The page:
Weight change in the acute treatment of bipolar I disorder: A naturalistic observational study of psychiatric inpatients

Department of Psychiatry, Asan Medical Center, University of Ulsan College of Medicine, Seoul, South Korea.
Journal of Affective Disorders (Impact Factor: 3.71). 02/2008; 105(1-3):45-52. DOI: 10.1016/j.jad.2007.04.006
Source: PubMed

ABSTRACT Bipolar patients have increased prevalence rates of overweight and obesity compared with the general population. Recent increases in the use of atypical antipsychotics and combination therapies have led to growing concern about obesity and metabolic disturbances. We therefore evaluated weight change and its correlates during the treatment of acute mania in a closed-ward hospital setting.
We evaluated weight change over 4 weeks in 179 consecutive patients with bipolar I disorder presenting with acute manic symptoms.
Overall weight change was +2.7+/-3.0 kg (+4.6+/-5.2%). Whereas 24.6% of patients were obese at baseline, 36.3% were obese after 4 weeks. Duration of illness was correlated with weight change, but its effect was not robust. Baseline weight/BMI, sex, age of onset, and history of previous medication were not significantly correlated with weight changes. Patients prescribed olanzapine plus valproate showed the largest increase in weight (3.8+/-2.9 kg). Overall, patients on any kind of atypical antipsychotics showed greater weight gain than those on typical antipsychotics or without antipsychotics. Combination treatment with antipsychotics and mood stabilizer resulted in greater weight gain than monotherapy with an antipsychotic or mood stabilizer.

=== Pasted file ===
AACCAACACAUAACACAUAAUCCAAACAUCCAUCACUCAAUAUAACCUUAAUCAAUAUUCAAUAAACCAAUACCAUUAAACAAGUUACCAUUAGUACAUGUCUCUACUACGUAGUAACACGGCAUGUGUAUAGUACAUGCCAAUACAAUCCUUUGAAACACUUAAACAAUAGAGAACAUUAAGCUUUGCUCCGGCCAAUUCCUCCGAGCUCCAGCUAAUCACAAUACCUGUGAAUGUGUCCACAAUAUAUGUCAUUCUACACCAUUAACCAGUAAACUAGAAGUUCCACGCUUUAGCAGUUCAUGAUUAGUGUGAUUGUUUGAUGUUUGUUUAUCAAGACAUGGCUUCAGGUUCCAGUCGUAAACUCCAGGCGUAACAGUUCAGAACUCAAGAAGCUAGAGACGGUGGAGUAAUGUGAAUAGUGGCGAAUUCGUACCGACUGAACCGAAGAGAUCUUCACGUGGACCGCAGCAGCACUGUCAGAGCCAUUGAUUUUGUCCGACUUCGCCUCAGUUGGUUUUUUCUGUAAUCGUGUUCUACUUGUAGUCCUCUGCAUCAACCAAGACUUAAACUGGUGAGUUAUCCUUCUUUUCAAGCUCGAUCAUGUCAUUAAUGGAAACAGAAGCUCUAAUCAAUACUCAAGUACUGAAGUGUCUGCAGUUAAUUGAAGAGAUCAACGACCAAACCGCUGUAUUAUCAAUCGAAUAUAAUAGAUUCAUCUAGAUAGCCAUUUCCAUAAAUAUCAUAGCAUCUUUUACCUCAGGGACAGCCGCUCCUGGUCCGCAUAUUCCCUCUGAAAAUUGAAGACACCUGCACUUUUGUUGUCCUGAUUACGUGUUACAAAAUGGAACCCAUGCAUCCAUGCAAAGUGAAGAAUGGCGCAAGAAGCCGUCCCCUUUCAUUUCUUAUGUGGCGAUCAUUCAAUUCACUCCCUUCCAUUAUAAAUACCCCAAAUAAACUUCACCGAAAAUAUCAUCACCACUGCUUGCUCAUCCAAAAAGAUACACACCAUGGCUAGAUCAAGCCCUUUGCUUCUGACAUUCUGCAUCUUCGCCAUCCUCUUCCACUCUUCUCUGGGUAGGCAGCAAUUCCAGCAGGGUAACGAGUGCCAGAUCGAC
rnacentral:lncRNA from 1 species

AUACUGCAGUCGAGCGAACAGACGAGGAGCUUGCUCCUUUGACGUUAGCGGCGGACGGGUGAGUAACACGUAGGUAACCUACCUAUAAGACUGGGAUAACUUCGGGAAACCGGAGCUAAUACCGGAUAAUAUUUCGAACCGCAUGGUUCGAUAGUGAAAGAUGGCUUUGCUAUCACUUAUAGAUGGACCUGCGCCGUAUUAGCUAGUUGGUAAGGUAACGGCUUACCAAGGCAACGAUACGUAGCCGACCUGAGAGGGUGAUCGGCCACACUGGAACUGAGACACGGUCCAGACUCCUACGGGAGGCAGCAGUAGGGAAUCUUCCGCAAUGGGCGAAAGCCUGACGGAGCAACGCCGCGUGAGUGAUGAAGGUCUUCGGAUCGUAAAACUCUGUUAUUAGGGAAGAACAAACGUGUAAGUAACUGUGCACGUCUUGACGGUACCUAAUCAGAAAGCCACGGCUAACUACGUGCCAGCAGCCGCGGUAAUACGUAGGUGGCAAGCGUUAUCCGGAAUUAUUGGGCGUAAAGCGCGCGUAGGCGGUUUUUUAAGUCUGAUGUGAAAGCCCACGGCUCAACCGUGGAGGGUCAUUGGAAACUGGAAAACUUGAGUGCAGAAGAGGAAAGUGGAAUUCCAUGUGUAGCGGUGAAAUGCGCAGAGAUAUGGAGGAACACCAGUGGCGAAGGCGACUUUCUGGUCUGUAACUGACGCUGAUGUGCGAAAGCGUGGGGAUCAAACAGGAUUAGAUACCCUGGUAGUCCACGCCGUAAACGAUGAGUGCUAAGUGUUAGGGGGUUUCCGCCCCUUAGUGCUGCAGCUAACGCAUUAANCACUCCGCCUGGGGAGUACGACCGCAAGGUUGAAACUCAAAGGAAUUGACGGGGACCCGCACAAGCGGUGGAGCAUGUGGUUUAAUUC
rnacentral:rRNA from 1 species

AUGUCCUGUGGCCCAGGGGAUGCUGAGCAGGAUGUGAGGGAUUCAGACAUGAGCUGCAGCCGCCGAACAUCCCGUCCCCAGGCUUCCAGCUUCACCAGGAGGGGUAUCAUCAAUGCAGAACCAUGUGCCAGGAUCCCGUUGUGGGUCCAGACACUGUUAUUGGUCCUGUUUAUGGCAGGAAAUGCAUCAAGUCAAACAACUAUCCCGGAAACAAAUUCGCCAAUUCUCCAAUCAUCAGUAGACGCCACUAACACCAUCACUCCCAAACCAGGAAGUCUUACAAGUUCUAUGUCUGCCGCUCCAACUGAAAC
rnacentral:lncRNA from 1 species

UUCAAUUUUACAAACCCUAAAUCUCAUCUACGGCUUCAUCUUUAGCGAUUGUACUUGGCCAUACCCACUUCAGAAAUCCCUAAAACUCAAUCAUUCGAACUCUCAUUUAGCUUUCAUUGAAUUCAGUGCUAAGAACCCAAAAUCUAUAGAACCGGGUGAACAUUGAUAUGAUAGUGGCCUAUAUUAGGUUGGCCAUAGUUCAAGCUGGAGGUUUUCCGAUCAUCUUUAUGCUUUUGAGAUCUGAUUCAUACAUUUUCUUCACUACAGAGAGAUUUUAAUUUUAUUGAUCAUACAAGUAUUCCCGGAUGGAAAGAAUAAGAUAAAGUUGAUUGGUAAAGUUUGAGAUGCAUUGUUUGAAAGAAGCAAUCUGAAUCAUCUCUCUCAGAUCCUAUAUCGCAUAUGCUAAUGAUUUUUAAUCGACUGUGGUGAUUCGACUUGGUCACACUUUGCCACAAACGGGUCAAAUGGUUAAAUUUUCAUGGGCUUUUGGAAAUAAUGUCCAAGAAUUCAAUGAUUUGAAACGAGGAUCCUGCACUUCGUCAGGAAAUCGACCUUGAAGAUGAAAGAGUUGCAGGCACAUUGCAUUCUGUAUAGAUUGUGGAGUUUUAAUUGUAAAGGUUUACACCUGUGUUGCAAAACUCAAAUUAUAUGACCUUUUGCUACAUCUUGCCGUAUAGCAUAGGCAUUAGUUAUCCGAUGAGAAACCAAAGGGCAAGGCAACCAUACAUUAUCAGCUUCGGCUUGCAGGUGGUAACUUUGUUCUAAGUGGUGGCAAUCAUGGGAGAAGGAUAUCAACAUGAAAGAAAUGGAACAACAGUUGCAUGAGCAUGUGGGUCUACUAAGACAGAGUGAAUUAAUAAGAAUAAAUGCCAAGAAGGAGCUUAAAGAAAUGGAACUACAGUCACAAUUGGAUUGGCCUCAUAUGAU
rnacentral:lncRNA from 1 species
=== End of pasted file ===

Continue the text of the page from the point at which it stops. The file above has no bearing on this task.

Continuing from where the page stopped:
The short-term assessment (4 weeks) of weight change and the lack of variables previously reported to be related to weight gain, such as number of depressive episodes, warrant caution in the interpretation of our results.
Even during short period of acute treatment, bipolar patients showed significant weight gain and became obese in a closed-ward setting. Clinicians prescribing combination therapies should pay more attention to weight gain and obesity.

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